This riveting biography from the American Bar Association visits the spectacular life of Edwin Land, breakthrough inventor. At the time of his death, he stood third on the list of our most prolific inventors, behind only Thomas Edison and one of Edison's colleagues. Land's most famous achievement was the creation of a revolutionary film-and-camera system that could produce a photographic print moments after the picture was taken.
In A Triumph of Genius, you'll learn details of Land's involvement over four decades with top-secret U.S. military intelligence efforts during World War II and through the Cold War in the service of seven American presidents. Additionally you'll thrill to the compelling firsthand look at one of our nation's most important legal battles over intellectual property--Polaroid versus Kodak. The conflict led to an epic legal battle, a dramatic event for Land, who, from the witness stand, personally starred in a compelling courtroom drama.
©2015 Ronald K. Fierstein (P)2015 Tantor
"Fierstein brings the story to life in such a way that at the end, the reader actually senses the huge emotional strain that such a long, fierce, and persistent battle entailed for those participating in it." (Paul M. Janicke, HIPLA professor of law, University of Houston Law Center)
I am an avid eclectic reader.
Ronald K. Fierstein has obviously done a great deal of research about Edwin Land and his company. The author tells the fascinating story of the reclusive genius who, as a teen, invented the plastic polarizer, which is still used almost a century later in countless popular applications including sunglasses and LCD screens.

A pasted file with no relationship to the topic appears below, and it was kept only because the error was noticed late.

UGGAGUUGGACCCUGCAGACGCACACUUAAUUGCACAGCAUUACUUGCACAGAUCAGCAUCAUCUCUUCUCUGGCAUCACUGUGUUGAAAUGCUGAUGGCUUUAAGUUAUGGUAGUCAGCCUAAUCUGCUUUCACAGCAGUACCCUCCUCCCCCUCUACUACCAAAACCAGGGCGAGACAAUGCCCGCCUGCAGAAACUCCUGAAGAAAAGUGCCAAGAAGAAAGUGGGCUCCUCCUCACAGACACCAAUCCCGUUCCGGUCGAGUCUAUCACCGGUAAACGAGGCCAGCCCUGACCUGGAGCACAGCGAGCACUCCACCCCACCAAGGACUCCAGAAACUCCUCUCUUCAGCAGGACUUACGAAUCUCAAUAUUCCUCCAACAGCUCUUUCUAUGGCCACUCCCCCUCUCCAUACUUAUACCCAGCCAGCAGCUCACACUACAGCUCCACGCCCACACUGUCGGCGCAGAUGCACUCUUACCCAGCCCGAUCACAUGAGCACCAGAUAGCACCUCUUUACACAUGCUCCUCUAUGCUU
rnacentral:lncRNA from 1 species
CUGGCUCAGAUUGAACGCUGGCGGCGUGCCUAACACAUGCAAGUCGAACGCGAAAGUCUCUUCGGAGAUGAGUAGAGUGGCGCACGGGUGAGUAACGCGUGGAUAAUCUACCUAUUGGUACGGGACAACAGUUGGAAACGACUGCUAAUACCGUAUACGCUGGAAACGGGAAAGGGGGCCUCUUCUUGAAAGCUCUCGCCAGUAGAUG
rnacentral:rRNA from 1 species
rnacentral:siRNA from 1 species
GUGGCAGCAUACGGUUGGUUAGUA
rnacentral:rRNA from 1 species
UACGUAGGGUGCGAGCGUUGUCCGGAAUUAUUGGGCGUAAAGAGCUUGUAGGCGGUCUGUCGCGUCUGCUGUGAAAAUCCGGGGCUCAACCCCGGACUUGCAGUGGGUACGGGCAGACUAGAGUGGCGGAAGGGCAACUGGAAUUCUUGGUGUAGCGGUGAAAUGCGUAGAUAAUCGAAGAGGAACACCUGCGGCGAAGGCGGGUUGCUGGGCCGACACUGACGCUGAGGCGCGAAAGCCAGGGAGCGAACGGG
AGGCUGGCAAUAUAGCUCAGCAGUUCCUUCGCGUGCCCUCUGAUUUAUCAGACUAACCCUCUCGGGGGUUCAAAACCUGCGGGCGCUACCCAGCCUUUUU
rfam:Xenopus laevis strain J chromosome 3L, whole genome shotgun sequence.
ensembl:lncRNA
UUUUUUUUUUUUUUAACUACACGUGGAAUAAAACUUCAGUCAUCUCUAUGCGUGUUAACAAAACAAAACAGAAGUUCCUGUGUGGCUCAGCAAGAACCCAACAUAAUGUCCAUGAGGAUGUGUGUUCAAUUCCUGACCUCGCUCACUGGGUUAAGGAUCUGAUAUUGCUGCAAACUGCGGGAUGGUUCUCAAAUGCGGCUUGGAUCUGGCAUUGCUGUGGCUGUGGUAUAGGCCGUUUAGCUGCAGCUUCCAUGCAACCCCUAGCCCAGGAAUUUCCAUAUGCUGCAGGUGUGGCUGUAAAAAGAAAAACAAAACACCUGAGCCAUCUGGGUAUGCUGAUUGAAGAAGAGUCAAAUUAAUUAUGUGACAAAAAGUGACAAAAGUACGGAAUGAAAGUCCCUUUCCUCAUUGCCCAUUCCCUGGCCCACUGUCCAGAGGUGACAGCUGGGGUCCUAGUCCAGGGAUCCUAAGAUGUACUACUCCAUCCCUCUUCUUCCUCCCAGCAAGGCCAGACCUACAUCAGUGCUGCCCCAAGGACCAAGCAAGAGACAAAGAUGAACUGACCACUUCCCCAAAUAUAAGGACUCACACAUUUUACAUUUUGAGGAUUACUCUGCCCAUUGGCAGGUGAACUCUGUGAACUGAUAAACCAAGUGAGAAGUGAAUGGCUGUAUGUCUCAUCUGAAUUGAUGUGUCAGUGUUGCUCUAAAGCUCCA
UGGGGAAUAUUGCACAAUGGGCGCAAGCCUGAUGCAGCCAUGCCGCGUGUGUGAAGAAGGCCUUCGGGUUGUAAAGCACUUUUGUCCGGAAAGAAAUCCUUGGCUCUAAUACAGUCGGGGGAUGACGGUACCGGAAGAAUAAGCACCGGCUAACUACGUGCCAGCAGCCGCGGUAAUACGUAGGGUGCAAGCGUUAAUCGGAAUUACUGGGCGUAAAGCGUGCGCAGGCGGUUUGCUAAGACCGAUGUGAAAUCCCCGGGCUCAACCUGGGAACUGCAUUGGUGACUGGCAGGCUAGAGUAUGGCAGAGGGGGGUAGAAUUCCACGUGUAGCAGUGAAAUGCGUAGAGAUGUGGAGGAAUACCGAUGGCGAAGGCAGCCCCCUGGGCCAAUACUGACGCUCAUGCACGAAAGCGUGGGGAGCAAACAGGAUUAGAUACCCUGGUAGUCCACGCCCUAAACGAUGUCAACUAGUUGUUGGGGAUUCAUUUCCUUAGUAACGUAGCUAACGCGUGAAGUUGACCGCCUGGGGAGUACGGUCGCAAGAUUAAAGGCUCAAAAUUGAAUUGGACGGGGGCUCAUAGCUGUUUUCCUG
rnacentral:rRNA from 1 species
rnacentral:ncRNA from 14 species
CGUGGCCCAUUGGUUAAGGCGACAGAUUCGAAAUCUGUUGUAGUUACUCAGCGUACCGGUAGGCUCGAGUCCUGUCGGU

Edwin Land (1909-1991) also pioneered the revolutionary one-step system of photography. He also made critical contributions to top-secret U. S. military intelligence efforts during WWII and the cold war. He had 535 patents in his name.
The author goes into detail about Land’s inventions in a step by step process that left me feeling as if I was watching over Land’s shoulder. The section about the trial goes into great detail even to the number of hotel rooms rented for the attorneys, legal secretaries and paralegals. I was amazed how long the case took; five years for doing depositions alone with each person taking 6 weeks or more.
Land dropped out of Harvard University to start his company to produce his polarizer discovery. His father counseled him to protect his invention with a patent. He took his father’s advice to heart and earned the sobriquet “Champion of Patents.”
This book goes into detail about The Polaroid v Kodak patent lawsuit, the unprecedented account of the most significant patent litigation of the twentieth century. Ronald K. Fierstein was a young lawyer working with Edwin Land on the team of litigators representing Polaroid in court. He later became a successful entertainment attorney.
The book is well written and reads like a legal thriller. Peter Larkin narrated the book.
An important biographical account of E Land. I am very glad to have read it. It has also helped me to understand Steve Jobs because Land was his role model. Unfortunately it is so detailed and repetitive that it is very difficult to follow. I heard it at a much faster speed in order to keep me from being bored. I would look for an abridged version.
I completely agree with some of the review saying that it's much too detailed. I would add that it might be interesting for people who are really into law. Anyone else who is simply interested in Polaroids or Edwin Lands history can actually skip the second part if you listen to this audiobook in parts.
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